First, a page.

Strain typing of microbial pathogens has two major aims: (i) to index genetic microvariation for use in outbreak investigations and (ii) to index genetic macrovariation for use in phylogenetic and population-based analyses. Until now, there has been no clear indication that one genetic marker can efficiently be used for both purposes. Previously, we had shown that DNA sequence analysis of the protein A gene variable repeat region (spa typing) provides a rapid and accurate method to discriminate Staphylococcus aureus outbreak isolates from those deemed epidemiologically unrelated. Here, using the hypothesis that the genetic macrovariation within a low-level recombinogenic species would accurately be characterized by a single-locus marker, we tested whether spa typing could congruently index the extensive genetic variation detected by a whole-genome DNA microarray in a collection of 36 isolates, which was recovered from 10 countries on four continents over a period of four decades, that is representative of the breadth of diversity within S. aureus. Using spa and coa typing, pulsed-field gel electrophoresis (PFGE), and microarray and multilocus enzyme electrophoresis (MLEE) data in molecular epidemiologic and evolutionary analyses, we determined that S. aureus likely has a primarily clonal population structure and that spa typing can singly index genetic variation with 88% direct concordance with the microarray and can correctly assign isolates to phylogenetic lineages. spa typing performed better than MLEE, PFGE, and coa typing in discriminatory power and in the degree of agreement with the microarray at various phylogenetic depths. This study showed that genetic analysis of the repeat region of protein A comprehensively characterizes both micro- and macrovariation in the primarily clonal population structure of S. aureus.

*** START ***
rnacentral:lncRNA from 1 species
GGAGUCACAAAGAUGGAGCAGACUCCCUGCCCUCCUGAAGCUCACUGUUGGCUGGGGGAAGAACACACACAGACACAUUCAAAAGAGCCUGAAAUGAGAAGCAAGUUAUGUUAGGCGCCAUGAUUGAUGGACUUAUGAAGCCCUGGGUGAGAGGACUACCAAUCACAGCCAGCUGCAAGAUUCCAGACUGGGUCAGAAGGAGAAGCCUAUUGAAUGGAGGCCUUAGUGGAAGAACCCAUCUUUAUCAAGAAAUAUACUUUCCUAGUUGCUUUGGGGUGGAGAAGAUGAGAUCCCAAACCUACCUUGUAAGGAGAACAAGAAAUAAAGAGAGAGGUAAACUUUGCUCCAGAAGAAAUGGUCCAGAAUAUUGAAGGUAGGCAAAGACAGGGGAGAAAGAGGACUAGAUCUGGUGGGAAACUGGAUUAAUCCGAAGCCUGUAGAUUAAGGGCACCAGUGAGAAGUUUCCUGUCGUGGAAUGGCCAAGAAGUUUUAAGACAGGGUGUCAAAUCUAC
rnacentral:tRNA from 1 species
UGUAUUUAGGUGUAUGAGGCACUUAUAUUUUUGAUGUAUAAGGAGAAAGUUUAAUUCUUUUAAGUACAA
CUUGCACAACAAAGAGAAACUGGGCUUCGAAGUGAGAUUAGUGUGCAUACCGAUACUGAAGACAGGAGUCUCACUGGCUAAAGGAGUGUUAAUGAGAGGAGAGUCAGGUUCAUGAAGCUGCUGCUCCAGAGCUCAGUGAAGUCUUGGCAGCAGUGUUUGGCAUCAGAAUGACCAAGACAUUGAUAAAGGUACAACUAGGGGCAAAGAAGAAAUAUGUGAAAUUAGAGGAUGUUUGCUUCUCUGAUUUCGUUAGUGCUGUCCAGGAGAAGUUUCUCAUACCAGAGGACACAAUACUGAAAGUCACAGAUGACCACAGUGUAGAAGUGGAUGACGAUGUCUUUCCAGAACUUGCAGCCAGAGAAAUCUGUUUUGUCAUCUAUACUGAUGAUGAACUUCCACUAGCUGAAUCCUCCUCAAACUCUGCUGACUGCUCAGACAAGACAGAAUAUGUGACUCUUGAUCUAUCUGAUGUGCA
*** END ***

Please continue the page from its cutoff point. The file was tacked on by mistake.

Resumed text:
ASJC Scopus subject areas
- Microbiology (medical)